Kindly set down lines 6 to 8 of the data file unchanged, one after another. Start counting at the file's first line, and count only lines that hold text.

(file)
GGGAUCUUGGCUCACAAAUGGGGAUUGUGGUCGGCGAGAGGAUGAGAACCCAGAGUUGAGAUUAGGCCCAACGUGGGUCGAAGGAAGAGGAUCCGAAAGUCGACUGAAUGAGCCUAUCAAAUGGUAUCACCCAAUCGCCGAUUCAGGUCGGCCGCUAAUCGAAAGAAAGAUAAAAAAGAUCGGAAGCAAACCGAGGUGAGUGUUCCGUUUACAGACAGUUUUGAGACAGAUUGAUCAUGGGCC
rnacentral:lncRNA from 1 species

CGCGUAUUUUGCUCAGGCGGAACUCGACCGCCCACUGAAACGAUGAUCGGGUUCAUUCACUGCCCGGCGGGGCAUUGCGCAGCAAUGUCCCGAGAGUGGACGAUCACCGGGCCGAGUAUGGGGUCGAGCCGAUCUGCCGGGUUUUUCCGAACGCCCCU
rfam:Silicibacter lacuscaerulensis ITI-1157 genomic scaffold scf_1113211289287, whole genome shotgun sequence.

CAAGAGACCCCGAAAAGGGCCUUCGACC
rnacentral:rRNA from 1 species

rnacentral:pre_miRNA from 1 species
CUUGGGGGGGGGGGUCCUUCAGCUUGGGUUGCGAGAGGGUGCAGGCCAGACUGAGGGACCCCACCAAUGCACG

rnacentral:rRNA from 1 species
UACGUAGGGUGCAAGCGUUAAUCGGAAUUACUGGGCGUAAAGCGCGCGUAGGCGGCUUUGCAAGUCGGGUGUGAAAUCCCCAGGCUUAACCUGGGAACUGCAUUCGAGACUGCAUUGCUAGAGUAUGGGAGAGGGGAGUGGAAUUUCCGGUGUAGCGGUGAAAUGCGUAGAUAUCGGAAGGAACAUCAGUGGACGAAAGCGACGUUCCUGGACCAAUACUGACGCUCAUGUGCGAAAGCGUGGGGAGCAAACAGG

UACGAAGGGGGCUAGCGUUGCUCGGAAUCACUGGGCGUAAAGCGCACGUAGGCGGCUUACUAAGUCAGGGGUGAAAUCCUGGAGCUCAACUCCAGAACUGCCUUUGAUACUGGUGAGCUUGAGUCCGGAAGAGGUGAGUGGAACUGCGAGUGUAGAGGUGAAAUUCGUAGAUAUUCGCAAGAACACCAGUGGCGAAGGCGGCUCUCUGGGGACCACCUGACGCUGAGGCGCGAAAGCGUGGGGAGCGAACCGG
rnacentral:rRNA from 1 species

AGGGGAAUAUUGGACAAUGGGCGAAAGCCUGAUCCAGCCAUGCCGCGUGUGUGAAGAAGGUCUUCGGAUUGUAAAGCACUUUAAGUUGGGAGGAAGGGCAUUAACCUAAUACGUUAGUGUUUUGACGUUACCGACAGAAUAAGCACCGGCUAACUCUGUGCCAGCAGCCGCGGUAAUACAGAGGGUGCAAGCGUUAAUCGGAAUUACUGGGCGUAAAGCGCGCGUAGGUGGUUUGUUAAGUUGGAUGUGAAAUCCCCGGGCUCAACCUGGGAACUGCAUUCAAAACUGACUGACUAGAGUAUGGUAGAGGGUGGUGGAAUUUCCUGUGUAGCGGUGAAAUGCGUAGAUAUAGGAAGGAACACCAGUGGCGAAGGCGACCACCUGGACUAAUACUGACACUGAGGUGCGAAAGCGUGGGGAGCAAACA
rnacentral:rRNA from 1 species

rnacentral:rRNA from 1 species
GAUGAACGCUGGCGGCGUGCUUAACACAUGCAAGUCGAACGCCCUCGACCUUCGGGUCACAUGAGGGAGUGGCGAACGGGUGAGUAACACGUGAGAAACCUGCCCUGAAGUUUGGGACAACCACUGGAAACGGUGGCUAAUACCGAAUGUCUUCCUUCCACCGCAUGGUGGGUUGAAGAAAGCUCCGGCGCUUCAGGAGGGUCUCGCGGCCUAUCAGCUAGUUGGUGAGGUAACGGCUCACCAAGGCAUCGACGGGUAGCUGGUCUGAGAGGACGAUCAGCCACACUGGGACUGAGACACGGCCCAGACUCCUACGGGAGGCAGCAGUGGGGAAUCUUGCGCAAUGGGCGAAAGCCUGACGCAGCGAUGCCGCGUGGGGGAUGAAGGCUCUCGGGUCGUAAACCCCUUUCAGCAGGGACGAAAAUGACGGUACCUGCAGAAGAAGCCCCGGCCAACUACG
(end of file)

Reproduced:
rnacentral:rRNA from 1 species

rnacentral:pre_miRNA from 1 species
CUUGGGGGGGGGGGUCCUUCAGCUUGGGUUGCGAGAGGGUGCAGGCCAGACUGAGGGACCCCACCAAUGCACG